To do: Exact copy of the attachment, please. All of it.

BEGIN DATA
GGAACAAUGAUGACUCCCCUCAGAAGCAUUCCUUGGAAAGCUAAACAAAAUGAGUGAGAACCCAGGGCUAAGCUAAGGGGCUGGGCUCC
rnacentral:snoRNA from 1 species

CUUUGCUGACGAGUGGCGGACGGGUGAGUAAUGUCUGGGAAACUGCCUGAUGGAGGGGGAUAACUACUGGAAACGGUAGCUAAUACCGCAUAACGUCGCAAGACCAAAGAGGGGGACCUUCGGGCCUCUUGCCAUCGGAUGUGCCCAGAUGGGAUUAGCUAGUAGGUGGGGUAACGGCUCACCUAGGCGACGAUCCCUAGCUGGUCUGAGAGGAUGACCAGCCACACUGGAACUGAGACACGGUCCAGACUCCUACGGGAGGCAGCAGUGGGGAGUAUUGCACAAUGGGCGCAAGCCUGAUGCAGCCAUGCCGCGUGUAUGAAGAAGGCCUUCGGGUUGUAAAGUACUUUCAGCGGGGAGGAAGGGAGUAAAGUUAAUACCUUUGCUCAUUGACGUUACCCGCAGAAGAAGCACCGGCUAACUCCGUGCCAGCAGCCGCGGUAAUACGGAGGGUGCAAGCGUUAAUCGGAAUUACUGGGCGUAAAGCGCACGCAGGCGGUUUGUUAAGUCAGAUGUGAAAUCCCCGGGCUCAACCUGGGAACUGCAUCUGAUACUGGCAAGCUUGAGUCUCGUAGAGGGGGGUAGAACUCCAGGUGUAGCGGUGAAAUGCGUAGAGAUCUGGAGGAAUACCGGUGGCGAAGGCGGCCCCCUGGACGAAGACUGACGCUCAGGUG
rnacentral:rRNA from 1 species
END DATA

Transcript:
GGAACAAUGAUGACUCCCCUCAGAAGCAUUCCUUGGAAAGCUAAACAAAAUGAGUGAGAACCCAGGGCUAAGCUAAGGGGCUGGGCUCC
rnacentral:snoRNA from 1 species

CUUUGCUGACGAGUGGCGGACGGGUGAGUAAUGUCUGGGAAACUGCCUGAUGGAGGGGGAUAACUACUGGAAACGGUAGCUAAUACCGCAUAACGUCGCAAGACCAAAGAGGGGGACCUUCGGGCCUCUUGCCAUCGGAUGUGCCCAGAUGGGAUUAGCUAGUAGGUGGGGUAACGGCUCACCUAGGCGACGAUCCCUAGCUGGUCUGAGAGGAUGACCAGCCACACUGGAACUGAGACACGGUCCAGACUCCUACGGGAGGCAGCAGUGGGGAGUAUUGCACAAUGGGCGCAAGCCUGAUGCAGCCAUGCCGCGUGUAUGAAGAAGGCCUUCGGGUUGUAAAGUACUUUCAGCGGGGAGGAAGGGAGUAAAGUUAAUACCUUUGCUCAUUGACGUUACCCGCAGAAGAAGCACCGGCUAACUCCGUGCCAGCAGCCGCGGUAAUACGGAGGGUGCAAGCGUUAAUCGGAAUUACUGGGCGUAAAGCGCACGCAGGCGGUUUGUUAAGUCAGAUGUGAAAUCCCCGGGCUCAACCUGGGAACUGCAUCUGAUACUGGCAAGCUUGAGUCUCGUAGAGGGGGGUAGAACUCCAGGUGUAGCGGUGAAAUGCGUAGAGAUCUGGAGGAAUACCGGUGGCGAAGGCGGCCCCCUGGACGAAGACUGACGCUCAGGUG
rnacentral:rRNA from 1 species